Me­chan­i­cal key­board jar­gon ex­plained

HWM (Singapore) - - Features And Performance -

With terms like N-key rollover, ac­tu­a­tion, re­set point and anti-ghost­ing tech­nol­ogy, pick­ing the right me­chan­i­cal key­board can get con­fus­ing. Here’s what ev­ery­thing means.

Ac­tu­a­tion Point

The point at which key in­put is reg­is­tered, on all Cherry MX switches, this point is half­way down the switch.

Re­set Point

The point at which the key re­sets and can be pressed again. Black and Red switches have match­ing ac­tu­a­tion and re­set points, mak­ing them the best for dou­ble-tap­ping. On Brown switches, the points are about 0.1mm apart, while Blue switches have a re­set point about 0.75mm higher than the ac­tu­a­tion point.

Lin­ear Vs Tac­tile

Lin­ear switches of­fer the same feel all the way through the key press, re­sult­ing in a smoother feel. Tac­tile switches have a no­tice­able bump half­way through to let you know you’ve ac­ti­vated the switch.

Key Rollover

Key rollover refers to how many si­mul­ta­ne­ous key presses can be suc­cess­fully pro­cessed. Only PS/2 key­boards are ca­pa­ble of true N-key rollover i.e. ev­ery key can be pressed si­mul­ta­ne­ously. This is be­cause these key­boards are di­rect in­put, with each key­stroke regis­ter­ing straight to the CPU. USB key­boards, on the other hand, are limited by the buf­fer size of the USB con­troller to just 6-key rollover, or up to 10-key when in­clud­ing mod­i­fiers. How­ever, many com­pa­nies have found ways to in­crease key rollover via USB. For ex­am­ple, by hav­ing the com­puter reg­is­ter mul­ti­ple (some­times as many as six) key­boards on the USB con­troller, en­sur­ing mul­ti­ple in­puts are sent through si­mul­ta­ne­ously.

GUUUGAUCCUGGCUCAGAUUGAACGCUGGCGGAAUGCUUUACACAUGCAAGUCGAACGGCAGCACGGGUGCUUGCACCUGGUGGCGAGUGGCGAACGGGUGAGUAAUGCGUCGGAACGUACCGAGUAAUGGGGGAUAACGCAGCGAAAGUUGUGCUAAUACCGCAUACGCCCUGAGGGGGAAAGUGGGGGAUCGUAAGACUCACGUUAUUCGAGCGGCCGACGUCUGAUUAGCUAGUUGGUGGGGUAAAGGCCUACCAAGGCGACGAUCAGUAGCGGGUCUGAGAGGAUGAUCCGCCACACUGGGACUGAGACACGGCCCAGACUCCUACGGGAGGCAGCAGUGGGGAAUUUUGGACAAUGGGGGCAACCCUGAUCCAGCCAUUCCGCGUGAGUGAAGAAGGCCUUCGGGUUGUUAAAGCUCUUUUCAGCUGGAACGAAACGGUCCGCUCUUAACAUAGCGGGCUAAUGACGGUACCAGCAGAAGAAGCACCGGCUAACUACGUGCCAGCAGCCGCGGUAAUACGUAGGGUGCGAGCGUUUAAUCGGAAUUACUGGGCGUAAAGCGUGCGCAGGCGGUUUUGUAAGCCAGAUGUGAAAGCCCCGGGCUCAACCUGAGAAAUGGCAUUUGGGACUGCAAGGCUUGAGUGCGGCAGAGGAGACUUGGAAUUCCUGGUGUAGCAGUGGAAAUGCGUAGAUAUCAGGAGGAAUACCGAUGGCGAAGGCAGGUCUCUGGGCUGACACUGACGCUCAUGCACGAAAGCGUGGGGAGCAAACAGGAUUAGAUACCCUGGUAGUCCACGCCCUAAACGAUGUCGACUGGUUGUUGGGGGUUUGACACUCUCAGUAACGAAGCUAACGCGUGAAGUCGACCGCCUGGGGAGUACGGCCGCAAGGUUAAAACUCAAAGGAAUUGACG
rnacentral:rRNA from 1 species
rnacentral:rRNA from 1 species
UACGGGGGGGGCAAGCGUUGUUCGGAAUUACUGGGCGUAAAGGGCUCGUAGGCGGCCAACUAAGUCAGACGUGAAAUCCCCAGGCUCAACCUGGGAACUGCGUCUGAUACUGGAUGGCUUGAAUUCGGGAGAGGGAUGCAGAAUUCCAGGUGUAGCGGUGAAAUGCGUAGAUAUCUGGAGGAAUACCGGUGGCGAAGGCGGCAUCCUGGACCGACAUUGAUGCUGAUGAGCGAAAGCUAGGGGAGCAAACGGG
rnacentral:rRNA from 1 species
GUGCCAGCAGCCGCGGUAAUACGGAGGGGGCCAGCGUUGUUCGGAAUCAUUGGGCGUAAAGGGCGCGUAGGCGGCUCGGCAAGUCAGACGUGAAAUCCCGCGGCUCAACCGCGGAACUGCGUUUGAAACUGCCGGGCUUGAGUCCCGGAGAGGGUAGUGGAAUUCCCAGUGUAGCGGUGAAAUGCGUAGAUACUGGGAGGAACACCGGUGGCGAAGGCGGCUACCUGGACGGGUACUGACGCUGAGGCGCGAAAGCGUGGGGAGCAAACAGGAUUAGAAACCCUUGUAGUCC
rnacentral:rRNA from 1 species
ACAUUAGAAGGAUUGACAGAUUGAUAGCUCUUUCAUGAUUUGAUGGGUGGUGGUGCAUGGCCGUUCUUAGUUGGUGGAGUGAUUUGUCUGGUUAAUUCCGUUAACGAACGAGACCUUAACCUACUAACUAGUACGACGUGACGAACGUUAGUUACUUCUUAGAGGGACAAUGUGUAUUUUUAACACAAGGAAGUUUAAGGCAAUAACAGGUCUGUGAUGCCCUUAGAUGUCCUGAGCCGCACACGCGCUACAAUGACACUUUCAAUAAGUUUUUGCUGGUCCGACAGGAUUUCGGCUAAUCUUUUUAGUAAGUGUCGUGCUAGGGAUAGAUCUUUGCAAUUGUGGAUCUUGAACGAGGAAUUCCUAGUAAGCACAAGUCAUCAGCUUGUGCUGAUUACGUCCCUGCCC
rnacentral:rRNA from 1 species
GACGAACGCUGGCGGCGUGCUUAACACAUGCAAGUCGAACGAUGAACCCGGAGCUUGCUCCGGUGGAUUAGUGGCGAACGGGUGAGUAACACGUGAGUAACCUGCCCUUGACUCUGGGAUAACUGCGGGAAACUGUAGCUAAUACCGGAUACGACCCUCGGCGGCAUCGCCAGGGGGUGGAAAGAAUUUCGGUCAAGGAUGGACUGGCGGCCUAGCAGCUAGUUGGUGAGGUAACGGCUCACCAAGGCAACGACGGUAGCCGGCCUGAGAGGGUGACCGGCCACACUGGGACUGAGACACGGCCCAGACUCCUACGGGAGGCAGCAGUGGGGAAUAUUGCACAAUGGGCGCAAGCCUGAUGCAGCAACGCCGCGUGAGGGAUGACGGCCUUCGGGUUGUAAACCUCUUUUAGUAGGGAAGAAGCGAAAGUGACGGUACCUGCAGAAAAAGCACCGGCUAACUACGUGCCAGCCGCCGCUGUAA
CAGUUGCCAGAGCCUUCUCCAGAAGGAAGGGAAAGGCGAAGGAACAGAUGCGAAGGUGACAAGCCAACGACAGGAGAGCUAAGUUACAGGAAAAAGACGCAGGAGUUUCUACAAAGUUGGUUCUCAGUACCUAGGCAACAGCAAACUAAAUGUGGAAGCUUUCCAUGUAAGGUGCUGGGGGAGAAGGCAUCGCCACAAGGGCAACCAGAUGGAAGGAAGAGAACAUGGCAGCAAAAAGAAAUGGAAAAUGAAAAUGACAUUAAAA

Polling refers to how of­ten the CPU re­ceives in­put from the key­board. The higher the num­ber, the more fre­quently in­for­ma­tion is sent. Only USB key­boards re­quire polling (as PS/2 key­boards are di­rect in­put). Re­al­is­ti­cally, any­thing over 200Hz is un­nec­es­sary as in­put from a key­board is limited by the time it takes for a key to re­set.


Orig­i­nally, ghost­ing re­ferred to a phe­nom­e­non where cer­tain com­bi­na­tions of si­mul­ta­ne­ous key presses could re­sult in ad­di­tional ‘ghost’ in­puts be­ing reg­is­tered. With mod­ern key­boards, this rarely (if ever) hap­pens any­more, and now, anti-ghost­ing gen­er­ally refers to tech­nol­ogy used to pre­vent dropped in­puts from oc­cur­ring on key­boards without full N-key rollover.

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